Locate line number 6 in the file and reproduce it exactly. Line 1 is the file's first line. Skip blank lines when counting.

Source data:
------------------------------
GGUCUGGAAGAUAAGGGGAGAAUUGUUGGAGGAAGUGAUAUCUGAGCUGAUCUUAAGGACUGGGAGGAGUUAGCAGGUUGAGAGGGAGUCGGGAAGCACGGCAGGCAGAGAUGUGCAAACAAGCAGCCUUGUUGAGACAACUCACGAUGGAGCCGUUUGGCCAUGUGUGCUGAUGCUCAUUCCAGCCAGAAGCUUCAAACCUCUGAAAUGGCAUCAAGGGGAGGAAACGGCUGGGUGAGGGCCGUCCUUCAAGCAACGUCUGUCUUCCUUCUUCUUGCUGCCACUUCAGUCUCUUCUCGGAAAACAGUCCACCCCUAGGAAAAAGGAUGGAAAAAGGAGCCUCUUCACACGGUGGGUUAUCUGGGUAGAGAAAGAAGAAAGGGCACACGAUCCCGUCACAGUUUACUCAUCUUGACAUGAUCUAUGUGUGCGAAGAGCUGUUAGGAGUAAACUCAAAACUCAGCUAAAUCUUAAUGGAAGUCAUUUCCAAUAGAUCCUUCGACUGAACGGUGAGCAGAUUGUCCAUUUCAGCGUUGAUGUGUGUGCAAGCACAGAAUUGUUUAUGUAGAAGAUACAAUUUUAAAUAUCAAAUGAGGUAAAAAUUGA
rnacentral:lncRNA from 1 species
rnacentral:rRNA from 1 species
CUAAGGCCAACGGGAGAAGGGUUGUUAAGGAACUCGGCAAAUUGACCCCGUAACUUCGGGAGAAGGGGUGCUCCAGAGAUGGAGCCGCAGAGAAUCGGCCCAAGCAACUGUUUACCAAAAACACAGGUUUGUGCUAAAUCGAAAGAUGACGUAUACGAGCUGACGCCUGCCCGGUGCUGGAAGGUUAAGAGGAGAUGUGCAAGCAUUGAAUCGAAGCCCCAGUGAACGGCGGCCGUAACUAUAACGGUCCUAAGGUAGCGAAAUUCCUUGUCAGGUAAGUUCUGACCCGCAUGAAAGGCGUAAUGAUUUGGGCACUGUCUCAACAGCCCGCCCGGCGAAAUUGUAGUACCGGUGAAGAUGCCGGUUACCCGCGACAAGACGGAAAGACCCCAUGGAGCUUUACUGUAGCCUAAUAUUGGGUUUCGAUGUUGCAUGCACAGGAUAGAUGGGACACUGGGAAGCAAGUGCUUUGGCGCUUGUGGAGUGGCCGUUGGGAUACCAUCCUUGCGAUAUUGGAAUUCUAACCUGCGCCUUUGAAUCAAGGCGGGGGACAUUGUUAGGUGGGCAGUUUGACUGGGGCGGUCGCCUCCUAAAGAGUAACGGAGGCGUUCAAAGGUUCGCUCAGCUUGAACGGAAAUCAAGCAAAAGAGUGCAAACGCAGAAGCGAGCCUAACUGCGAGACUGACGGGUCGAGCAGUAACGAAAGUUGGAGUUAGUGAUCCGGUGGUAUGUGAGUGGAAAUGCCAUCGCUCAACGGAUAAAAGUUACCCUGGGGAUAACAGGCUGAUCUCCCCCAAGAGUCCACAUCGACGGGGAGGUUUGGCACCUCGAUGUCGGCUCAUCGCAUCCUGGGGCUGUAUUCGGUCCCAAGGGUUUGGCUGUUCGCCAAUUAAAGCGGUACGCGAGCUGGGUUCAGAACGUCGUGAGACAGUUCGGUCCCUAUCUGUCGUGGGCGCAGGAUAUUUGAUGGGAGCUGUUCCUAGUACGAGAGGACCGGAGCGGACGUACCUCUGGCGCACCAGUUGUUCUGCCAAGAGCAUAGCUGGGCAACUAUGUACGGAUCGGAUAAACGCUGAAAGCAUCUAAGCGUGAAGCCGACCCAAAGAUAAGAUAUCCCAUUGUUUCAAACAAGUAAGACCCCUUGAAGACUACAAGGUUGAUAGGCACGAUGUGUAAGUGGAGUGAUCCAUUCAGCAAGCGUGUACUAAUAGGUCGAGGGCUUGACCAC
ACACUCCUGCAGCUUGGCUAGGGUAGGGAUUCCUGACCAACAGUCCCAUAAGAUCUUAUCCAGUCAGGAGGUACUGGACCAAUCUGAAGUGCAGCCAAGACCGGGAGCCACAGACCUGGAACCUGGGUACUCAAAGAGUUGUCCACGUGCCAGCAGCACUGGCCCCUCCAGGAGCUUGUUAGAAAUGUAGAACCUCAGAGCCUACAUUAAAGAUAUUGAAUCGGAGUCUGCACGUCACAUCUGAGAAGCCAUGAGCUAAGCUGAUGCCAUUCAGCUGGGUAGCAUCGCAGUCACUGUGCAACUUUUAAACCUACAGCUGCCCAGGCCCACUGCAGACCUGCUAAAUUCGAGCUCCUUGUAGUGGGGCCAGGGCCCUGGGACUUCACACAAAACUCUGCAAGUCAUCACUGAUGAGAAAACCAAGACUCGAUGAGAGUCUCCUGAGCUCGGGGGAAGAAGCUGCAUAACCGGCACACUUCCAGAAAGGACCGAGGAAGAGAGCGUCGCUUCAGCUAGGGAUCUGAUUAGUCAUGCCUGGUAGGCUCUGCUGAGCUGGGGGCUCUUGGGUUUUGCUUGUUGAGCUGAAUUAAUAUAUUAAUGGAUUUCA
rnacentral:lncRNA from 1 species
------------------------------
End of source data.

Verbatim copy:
rnacentral:lncRNA from 1 species